Otto Michael Knab's Fox-Fables

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Bernard M. Knab
  • Eugene, OR: 
    Wipf & Stock Publishers
    , November
     86 pages.
     For other formats: Link to Publisher's Website.


In the summer and early fall of 1936, Otto Michael Knab published twenty-one fables in the Deutsche Briefe, a Swiss weekly press service edited by Waldemar Gurian and Knab. Two years earlier, Knab had been forced to flee Germany, and his fables are a satiric and shocking commentary upon the corruption of German political, social, and religious institutions under Hitler (the fox). Here are shown the sinister and destructive features of the Third Reich, and the fables, where beasts illustrate the stupidity, perversity, and blindness of various segments of German society, constitute an indictment of Nazi totalitarianism in particular and all totalitarianism in general. Presented here with a new introduction by Ulrich Lehner, the fables were first printed in English in 1966. Translated by Bernard M. Knab, the son of their author, they provide American readers with a grimly humorous, thought-provoking, and unique account of Hitler's assault upon the German consciousness and upon the Christian philosophy of life.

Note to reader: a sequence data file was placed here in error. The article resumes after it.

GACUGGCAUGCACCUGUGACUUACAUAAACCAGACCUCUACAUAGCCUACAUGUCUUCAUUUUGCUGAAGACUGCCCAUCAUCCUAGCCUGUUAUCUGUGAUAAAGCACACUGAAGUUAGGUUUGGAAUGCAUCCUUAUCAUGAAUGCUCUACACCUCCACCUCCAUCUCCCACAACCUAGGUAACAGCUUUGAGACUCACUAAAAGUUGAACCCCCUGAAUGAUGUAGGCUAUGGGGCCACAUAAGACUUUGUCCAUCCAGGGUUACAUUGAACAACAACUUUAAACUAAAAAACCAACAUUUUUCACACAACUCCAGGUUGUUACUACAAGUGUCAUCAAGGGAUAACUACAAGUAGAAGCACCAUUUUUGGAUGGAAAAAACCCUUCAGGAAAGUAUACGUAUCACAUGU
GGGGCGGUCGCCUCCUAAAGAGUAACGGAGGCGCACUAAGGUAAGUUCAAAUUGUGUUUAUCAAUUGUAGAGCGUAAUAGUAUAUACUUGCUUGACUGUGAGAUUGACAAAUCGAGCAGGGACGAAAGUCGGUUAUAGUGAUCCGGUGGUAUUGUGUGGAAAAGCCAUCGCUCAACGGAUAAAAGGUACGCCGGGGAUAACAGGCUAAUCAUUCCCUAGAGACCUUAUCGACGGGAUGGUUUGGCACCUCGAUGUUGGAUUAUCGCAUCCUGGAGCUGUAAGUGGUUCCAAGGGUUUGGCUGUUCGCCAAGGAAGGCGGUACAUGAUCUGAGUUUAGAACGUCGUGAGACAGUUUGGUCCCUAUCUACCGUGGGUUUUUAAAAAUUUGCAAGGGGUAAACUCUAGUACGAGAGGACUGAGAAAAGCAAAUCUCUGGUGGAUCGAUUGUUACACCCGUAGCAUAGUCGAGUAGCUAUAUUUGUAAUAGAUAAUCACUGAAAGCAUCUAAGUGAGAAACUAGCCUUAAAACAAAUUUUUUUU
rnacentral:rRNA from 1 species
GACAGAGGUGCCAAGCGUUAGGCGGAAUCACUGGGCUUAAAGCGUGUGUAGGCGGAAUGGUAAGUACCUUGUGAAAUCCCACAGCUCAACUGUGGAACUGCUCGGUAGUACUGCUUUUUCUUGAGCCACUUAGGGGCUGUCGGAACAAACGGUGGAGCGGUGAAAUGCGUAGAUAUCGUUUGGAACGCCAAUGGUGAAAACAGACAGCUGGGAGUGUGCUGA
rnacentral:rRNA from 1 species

About the Author(s)/Editor(s)/Translator(s): 

Bernard Knab has spent most of his professional life as a college teacher first, and administrator second. In 2002, he retired from his last position as Director of Humanities and Communications at Chemeketa Community College in Salem, Oregon. He looks back on his translating The Fox Fables in 1966 with the assistance of his father as a highlight of his academic career.


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